The monastery is divided into three parts, occupied separately by the Greeks, the Armenians, and the Catholics. The church is contiguous to the courtyard of the monastery.

On this spot, the first Christians had built a chapel, in which was enclosed the stable where our Saviour came into the world. They thronged thither from all parts, to adore, on that very spot, Him, who humbled himself so low, as to take the form of a little child, out of love to us. For the purpose of driving away the believers, and holding up their mysteries to the derision of the pagans, the emperor Adrian caused a statue to be erected there



to Adonis, and instituted in honour of him a particular worship, which subsisted till the reign of Constantine. Helena, the mother of that prince, during her sojourn in the Holy Land, added to the immense benefits by which she had already signalized her piety that of causing the infamous idol to be demolished, and the worship of it to be forbidden; and, through her means, arose, on the same spot, the church which at this day bears the name of Mary.

This church, though it has undergone great alterations and been frequently repaired, still bears unequivocal marks of its ancient and glorious origin. It is built in the form of a cross, and adorned with forty-eight marble columns of the Corinthian order. The Greeks and the Armenians have possessed themselves of it, as of many other places which belonged to the Latins; and their gold, profusely dispensed to the pacha of Damascus and the Porte, now secures to them the peaceful occupation.

The principal nave is separated from the choir and the transept by a thick wall. It belongs to the Greeks and the Armenians, who hold divine service there. The other parts are extremely neglected, no service being ever performed in them. The pavement is in such a wretched condition, that you cannot walk upon it without running the risk of dangerous falls. On the walls are to be seen some paintings, which appear to date back to the infancy of the art among us, and a few fragments of shattered mosaics.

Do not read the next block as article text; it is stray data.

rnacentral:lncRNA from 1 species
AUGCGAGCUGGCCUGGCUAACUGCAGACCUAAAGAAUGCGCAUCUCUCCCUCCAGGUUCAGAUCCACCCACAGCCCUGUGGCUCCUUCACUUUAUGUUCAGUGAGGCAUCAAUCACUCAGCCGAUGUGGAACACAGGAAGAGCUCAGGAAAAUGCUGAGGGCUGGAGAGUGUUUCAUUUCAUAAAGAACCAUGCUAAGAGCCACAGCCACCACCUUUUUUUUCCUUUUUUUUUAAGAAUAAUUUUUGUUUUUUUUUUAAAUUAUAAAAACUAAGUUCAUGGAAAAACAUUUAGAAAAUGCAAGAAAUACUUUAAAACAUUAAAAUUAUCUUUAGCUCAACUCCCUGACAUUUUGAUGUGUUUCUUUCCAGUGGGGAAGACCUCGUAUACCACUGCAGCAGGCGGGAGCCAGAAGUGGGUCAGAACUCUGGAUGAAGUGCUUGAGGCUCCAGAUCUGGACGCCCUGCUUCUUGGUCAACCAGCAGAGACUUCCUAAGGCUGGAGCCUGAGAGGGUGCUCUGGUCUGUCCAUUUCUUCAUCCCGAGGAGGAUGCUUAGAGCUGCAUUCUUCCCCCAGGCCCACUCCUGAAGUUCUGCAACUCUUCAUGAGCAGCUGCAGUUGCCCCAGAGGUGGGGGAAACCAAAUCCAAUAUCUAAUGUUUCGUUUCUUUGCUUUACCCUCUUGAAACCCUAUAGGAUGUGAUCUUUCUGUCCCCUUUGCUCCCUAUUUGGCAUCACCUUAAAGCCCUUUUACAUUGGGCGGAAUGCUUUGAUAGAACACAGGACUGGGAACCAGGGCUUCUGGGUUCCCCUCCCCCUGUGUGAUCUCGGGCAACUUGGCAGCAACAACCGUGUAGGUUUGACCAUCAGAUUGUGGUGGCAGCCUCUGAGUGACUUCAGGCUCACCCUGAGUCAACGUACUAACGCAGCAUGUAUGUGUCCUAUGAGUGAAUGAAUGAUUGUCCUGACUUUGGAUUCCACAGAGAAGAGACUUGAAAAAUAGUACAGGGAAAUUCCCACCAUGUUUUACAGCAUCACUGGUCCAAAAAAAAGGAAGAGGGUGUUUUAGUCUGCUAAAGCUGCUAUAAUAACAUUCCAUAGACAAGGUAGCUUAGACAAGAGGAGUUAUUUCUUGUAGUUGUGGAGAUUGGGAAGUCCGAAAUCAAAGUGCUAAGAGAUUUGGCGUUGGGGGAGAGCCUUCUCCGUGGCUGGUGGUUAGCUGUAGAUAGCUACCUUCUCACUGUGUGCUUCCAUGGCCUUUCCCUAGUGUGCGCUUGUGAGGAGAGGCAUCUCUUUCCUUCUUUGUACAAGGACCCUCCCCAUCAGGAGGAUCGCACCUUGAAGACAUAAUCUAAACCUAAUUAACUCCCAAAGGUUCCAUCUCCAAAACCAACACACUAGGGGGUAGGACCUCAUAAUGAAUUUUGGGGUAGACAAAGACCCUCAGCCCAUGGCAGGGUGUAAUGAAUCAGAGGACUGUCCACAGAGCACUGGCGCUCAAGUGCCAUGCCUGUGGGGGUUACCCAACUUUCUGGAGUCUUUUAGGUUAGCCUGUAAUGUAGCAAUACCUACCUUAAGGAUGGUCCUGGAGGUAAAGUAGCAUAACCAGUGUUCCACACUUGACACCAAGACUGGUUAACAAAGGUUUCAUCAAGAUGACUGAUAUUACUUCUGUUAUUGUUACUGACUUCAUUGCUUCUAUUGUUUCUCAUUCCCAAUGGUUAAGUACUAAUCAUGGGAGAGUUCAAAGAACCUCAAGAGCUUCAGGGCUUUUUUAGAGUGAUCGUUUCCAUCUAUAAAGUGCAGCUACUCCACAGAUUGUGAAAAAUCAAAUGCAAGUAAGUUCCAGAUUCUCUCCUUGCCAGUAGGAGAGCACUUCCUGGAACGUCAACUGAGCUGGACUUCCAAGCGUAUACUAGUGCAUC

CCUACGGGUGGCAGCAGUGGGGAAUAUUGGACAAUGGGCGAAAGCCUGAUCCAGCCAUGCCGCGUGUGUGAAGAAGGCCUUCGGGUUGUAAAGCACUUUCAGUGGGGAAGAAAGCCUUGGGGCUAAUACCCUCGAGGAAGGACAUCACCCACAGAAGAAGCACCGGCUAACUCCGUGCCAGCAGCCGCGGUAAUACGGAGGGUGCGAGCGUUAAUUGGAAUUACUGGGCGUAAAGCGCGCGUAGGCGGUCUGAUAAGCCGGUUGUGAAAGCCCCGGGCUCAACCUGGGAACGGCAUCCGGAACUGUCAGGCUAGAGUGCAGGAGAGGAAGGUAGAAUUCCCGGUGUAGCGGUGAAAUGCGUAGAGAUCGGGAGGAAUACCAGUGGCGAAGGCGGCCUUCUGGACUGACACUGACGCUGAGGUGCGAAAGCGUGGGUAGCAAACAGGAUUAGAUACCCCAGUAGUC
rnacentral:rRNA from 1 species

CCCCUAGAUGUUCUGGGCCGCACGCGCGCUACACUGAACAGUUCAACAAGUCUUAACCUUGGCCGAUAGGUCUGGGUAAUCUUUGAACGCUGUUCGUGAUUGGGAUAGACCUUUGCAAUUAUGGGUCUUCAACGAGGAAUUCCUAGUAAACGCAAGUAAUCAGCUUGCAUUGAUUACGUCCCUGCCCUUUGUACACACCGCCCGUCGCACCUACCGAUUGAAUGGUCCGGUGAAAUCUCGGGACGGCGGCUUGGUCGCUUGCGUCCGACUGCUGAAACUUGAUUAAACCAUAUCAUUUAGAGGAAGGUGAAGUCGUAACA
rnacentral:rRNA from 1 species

Close to St. Mary's, there is another church, called St. Catherine's, which belongs to the Catholics. It is far too small for the number of the congregation. Its



principal ornament is an excellent organ, which I frequently go to play upon; and with the more pleasure, since the harmony of that instrument adds greatly, in my opinion, to the tenderness of the emotions that one feels, particularly at Bethlehem.

Through this church the Catholics now pass to the sacred grotto, instead of going the way which they formerly took. The continual cavils which the Greeks and the Armenians are incessantly raising against our good Fathers of the Holy Land, have given occasion to this change and to some others. I beg you to bear this in mind, my dear friend, that you may not be surprised if my account differs in some points from what you may have read in other travellers.

Oh! that I could now transfuse, in some measure, my soul into your's, with the thoughts, the affections, the feelings wherewith it is filled by the presence of all that I have the favour to behold! Collect yourself, prepare your heart; I am about to usher you into a grotto, where the profane man perceives, it is true, such objects only as he deems worthy of his contempt-a stable, a manger, an infant, poor, and almost deserving of pity! But for Christians-and Heaven has granted us the grace to be so for Christians, that stable is a temple, that manger a sanctuary, that infant a Saviour, a God; a God, before whom the empires, which, to our petty vision, appear so vast, are scarcely what an atom of dust is to us; and those kings, and those nations, who so fiercely dispute a title belonging, by right, to Him alone, who are bent on being sovereigns, even without his grace-make a little noise to-day, gather a little of what